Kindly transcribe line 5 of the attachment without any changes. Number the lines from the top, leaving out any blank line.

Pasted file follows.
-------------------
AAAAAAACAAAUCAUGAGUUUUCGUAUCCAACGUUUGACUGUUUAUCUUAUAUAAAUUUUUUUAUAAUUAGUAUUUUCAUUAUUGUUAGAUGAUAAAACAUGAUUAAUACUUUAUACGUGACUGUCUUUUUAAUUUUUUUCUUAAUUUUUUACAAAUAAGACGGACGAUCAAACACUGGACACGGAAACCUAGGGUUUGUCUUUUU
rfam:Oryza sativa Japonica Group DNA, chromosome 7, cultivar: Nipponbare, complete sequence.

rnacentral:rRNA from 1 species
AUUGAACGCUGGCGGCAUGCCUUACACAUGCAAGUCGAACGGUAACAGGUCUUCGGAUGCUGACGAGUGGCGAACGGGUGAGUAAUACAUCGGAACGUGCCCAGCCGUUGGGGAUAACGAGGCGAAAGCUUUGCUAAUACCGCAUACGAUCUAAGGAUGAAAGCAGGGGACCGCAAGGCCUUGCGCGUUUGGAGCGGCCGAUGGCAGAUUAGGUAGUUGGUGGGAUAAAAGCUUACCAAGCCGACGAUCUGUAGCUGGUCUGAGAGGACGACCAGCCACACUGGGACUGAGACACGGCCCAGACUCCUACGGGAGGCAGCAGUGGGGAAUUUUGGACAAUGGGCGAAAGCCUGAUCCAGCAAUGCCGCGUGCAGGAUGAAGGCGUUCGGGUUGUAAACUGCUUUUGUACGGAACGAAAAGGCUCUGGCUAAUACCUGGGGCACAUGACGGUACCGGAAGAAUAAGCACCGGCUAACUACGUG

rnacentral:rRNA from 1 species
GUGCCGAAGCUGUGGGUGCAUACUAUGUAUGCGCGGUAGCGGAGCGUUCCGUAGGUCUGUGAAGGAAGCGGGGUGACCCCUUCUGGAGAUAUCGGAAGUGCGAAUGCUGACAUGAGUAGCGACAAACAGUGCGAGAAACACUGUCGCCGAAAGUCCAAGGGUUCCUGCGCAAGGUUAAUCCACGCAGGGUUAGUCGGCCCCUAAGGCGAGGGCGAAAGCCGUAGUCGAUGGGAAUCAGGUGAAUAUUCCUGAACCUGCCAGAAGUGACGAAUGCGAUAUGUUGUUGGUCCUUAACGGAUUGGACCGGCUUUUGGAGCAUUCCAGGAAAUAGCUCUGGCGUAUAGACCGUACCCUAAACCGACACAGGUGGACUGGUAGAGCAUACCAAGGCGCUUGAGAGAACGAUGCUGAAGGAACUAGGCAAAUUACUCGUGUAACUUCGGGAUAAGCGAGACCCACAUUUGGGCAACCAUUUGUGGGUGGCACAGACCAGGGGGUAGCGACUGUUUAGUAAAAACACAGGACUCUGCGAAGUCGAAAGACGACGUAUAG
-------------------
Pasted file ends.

rnacentral:rRNA from 1 species